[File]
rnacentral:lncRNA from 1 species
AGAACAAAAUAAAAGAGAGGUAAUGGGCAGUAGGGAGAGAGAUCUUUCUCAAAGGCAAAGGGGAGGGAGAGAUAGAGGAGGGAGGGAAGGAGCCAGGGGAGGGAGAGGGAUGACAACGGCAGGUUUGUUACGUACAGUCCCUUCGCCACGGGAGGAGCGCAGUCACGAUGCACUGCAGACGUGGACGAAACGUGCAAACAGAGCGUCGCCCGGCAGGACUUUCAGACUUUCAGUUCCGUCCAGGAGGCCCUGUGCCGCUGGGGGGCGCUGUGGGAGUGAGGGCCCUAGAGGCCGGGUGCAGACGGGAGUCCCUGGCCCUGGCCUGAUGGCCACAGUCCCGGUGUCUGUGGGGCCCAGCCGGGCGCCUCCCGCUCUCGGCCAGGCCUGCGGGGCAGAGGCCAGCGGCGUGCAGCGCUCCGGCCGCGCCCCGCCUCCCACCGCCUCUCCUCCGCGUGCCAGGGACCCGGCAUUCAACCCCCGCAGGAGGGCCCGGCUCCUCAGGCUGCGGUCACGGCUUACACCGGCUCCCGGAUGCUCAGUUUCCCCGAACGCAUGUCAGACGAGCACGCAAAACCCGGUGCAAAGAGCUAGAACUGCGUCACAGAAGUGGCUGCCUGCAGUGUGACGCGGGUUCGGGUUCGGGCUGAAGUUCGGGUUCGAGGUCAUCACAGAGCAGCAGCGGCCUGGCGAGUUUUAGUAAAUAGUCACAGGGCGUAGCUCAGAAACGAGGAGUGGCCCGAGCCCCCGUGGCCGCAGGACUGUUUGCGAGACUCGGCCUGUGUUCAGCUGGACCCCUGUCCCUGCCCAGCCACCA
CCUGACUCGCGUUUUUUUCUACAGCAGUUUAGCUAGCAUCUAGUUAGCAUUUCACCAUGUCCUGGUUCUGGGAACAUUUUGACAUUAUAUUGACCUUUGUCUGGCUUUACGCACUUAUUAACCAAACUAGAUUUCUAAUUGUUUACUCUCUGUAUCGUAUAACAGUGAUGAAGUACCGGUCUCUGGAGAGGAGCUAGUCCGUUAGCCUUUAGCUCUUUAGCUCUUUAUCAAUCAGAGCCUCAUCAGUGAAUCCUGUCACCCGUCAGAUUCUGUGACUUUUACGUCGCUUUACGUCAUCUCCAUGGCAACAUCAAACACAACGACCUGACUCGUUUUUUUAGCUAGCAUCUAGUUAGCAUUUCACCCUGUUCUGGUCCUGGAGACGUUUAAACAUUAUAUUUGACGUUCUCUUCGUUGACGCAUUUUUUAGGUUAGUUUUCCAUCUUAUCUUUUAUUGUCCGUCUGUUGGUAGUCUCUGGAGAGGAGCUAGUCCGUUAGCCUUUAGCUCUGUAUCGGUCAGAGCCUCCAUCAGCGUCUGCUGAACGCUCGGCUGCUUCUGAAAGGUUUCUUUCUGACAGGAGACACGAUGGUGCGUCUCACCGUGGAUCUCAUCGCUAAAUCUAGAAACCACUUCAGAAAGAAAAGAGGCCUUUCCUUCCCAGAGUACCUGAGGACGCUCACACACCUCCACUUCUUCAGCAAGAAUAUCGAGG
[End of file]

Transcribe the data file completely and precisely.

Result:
rnacentral:lncRNA from 1 species
AGAACAAAAUAAAAGAGAGGUAAUGGGCAGUAGGGAGAGAGAUCUUUCUCAAAGGCAAAGGGGAGGGAGAGAUAGAGGAGGGAGGGAAGGAGCCAGGGGAGGGAGAGGGAUGACAACGGCAGGUUUGUUACGUACAGUCCCUUCGCCACGGGAGGAGCGCAGUCACGAUGCACUGCAGACGUGGACGAAACGUGCAAACAGAGCGUCGCCCGGCAGGACUUUCAGACUUUCAGUUCCGUCCAGGAGGCCCUGUGCCGCUGGGGGGCGCUGUGGGAGUGAGGGCCCUAGAGGCCGGGUGCAGACGGGAGUCCCUGGCCCUGGCCUGAUGGCCACAGUCCCGGUGUCUGUGGGGCCCAGCCGGGCGCCUCCCGCUCUCGGCCAGGCCUGCGGGGCAGAGGCCAGCGGCGUGCAGCGCUCCGGCCGCGCCCCGCCUCCCACCGCCUCUCCUCCGCGUGCCAGGGACCCGGCAUUCAACCCCCGCAGGAGGGCCCGGCUCCUCAGGCUGCGGUCACGGCUUACACCGGCUCCCGGAUGCUCAGUUUCCCCGAACGCAUGUCAGACGAGCACGCAAAACCCGGUGCAAAGAGCUAGAACUGCGUCACAGAAGUGGCUGCCUGCAGUGUGACGCGGGUUCGGGUUCGGGCUGAAGUUCGGGUUCGAGGUCAUCACAGAGCAGCAGCGGCCUGGCGAGUUUUAGUAAAUAGUCACAGGGCGUAGCUCAGAAACGAGGAGUGGCCCGAGCCCCCGUGGCCGCAGGACUGUUUGCGAGACUCGGCCUGUGUUCAGCUGGACCCCUGUCCCUGCCCAGCCACCA
CCUGACUCGCGUUUUUUUCUACAGCAGUUUAGCUAGCAUCUAGUUAGCAUUUCACCAUGUCCUGGUUCUGGGAACAUUUUGACAUUAUAUUGACCUUUGUCUGGCUUUACGCACUUAUUAACCAAACUAGAUUUCUAAUUGUUUACUCUCUGUAUCGUAUAACAGUGAUGAAGUACCGGUCUCUGGAGAGGAGCUAGUCCGUUAGCCUUUAGCUCUUUAGCUCUUUAUCAAUCAGAGCCUCAUCAGUGAAUCCUGUCACCCGUCAGAUUCUGUGACUUUUACGUCGCUUUACGUCAUCUCCAUGGCAACAUCAAACACAACGACCUGACUCGUUUUUUUAGCUAGCAUCUAGUUAGCAUUUCACCCUGUUCUGGUCCUGGAGACGUUUAAACAUUAUAUUUGACGUUCUCUUCGUUGACGCAUUUUUUAGGUUAGUUUUCCAUCUUAUCUUUUAUUGUCCGUCUGUUGGUAGUCUCUGGAGAGGAGCUAGUCCGUUAGCCUUUAGCUCUGUAUCGGUCAGAGCCUCCAUCAGCGUCUGCUGAACGCUCGGCUGCUUCUGAAAGGUUUCUUUCUGACAGGAGACACGAUGGUGCGUCUCACCGUGGAUCUCAUCGCUAAAUCUAGAAACCACUUCAGAAAGAAAAGAGGCCUUUCCUUCCCAGAGUACCUGAGGACGCUCACACACCUCCACUUCUUCAGCAAGAAUAUCGAGG